The biggest problem is that you can only build a zoo display if you land on a Trading Post. Meanwhile you are collecting resources willy-nilly. It can be frustrating sitting around with enough resources to build 4 displays, but never landing on th Trading Post to do it.

Additionally, the Trading Post allows for conversions of your resources. You get a little conversion chart, similar to the shopping card for Settlers of what you can buy. However, I have a little nickpick on the card, which is sort of interesting from a design standpoint. Here, take a look:

Due to the justification, it appears that the trading is a one-way street. One Paw can be traded to get 3 Bananas. Thankfully, they have arrows indicating that the trading post can work the other way, too. However, by justifying it to the left, it creates a certain visual flow that seems to indicate a trade only going one way. I think I would've centered the "math," thereby visually equaling the trade flows. Something more like this:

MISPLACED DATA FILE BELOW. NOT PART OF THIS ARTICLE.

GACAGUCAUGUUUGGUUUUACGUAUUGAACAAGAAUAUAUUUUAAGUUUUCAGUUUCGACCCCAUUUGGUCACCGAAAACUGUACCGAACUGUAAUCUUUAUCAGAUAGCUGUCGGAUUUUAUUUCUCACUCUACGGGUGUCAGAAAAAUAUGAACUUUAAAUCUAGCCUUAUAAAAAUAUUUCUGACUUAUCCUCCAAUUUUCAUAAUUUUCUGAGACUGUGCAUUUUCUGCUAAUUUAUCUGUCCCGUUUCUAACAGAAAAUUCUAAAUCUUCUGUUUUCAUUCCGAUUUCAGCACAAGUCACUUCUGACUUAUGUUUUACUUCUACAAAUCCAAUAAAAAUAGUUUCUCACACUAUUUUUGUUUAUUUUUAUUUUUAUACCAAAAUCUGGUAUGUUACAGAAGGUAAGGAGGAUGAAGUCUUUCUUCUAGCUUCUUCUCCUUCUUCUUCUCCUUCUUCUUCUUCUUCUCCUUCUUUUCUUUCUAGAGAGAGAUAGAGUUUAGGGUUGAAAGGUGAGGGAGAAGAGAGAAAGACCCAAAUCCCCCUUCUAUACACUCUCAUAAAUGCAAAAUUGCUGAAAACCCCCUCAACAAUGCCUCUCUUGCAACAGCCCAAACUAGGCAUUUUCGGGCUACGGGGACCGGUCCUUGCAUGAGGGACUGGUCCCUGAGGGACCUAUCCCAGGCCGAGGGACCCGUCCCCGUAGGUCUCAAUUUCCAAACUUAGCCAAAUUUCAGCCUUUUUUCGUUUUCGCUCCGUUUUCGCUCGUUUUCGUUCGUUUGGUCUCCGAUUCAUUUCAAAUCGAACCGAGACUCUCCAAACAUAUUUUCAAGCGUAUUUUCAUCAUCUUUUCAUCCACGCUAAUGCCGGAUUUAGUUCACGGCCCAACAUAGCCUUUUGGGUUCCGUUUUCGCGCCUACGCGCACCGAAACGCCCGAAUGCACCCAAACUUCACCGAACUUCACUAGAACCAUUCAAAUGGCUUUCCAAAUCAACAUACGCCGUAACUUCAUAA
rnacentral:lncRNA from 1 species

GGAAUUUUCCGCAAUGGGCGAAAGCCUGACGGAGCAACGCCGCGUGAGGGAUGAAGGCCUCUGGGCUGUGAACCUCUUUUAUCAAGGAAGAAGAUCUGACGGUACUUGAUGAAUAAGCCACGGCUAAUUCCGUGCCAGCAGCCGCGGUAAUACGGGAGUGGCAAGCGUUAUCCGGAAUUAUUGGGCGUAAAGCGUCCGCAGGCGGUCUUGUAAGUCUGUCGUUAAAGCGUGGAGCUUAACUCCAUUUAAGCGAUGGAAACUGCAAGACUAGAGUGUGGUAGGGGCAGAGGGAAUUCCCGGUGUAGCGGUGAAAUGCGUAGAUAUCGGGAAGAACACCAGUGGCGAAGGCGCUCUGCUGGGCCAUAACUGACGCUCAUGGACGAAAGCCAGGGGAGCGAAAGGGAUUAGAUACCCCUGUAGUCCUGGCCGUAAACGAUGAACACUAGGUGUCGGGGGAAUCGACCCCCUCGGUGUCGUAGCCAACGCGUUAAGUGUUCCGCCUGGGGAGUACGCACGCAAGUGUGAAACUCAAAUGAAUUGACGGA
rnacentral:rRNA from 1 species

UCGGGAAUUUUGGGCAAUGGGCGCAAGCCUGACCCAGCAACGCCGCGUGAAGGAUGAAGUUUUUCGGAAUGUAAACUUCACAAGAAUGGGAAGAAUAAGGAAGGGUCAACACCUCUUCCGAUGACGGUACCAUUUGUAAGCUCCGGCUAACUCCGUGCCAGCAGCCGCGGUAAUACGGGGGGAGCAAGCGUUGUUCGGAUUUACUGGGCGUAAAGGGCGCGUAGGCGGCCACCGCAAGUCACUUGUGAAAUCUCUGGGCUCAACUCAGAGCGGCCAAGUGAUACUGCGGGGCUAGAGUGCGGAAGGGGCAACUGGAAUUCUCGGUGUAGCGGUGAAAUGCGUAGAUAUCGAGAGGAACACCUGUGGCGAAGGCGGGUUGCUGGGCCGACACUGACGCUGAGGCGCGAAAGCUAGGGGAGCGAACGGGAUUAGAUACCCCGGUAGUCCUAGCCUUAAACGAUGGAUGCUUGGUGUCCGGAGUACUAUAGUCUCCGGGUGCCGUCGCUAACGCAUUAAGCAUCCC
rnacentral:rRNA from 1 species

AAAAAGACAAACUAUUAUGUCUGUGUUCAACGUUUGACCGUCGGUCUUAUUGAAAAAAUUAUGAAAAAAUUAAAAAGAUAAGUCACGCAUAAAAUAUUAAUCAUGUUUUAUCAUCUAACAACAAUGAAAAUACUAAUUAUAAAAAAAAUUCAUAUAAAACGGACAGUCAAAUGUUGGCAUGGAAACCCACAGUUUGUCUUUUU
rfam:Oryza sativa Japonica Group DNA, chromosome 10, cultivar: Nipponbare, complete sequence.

Anyway, it's a minor nitpick.

Games on the Cheap
In other news, I've added two more games to Games on the Cheap collection: Checkpoint: Berlin, and The Great Lakes Fish-Out.

While everyone that I've taught Werewolf to has had a blast playing it, there are some nagging issues with it, especially when you can't get over 7 people to populate the village. These things include some stuff like "the first lynching" problem, where the villagers really have no information to go on, and there's probably a mathematical proof somewhere that indicates they really DO need to lynch someone anyway. (I referee the game in such that the Villagers can choose not to lynching someone during the day).